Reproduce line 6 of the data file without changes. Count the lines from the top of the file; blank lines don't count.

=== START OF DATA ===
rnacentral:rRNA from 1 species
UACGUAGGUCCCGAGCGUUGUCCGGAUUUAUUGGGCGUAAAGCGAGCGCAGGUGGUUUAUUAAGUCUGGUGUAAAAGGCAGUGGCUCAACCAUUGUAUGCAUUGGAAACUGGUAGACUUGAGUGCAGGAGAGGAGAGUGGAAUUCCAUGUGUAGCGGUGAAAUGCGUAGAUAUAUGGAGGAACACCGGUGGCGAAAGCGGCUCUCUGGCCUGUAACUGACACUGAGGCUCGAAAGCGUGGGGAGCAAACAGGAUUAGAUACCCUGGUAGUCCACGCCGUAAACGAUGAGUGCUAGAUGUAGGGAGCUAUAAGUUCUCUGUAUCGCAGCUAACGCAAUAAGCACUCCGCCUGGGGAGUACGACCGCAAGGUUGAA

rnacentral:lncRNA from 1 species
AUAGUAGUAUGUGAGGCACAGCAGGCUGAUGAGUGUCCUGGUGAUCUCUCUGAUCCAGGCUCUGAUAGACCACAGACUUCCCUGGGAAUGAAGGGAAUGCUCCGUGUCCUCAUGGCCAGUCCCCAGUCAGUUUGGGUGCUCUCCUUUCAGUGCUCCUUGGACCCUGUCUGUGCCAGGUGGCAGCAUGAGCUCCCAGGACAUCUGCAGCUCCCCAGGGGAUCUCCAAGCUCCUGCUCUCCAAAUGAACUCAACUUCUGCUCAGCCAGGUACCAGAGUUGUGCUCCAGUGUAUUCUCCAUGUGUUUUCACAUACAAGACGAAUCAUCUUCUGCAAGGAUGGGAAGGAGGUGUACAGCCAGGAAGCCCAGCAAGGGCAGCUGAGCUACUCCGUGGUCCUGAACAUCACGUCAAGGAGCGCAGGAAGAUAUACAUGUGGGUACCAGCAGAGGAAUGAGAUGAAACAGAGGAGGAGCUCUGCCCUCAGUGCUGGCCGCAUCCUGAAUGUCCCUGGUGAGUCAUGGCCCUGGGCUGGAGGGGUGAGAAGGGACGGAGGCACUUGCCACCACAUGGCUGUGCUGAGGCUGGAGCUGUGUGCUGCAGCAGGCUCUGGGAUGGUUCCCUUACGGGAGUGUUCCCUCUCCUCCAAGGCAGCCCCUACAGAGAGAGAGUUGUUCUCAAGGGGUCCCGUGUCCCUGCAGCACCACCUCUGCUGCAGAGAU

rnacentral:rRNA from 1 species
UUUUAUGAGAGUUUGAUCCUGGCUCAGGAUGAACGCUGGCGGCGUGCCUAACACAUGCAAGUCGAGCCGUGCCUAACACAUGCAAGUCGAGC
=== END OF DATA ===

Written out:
UUUUAUGAGAGUUUGAUCCUGGCUCAGGAUGAACGCUGGCGGCGUGCCUAACACAUGCAAGUCGAGCCGUGCCUAACACAUGCAAGUCGAGC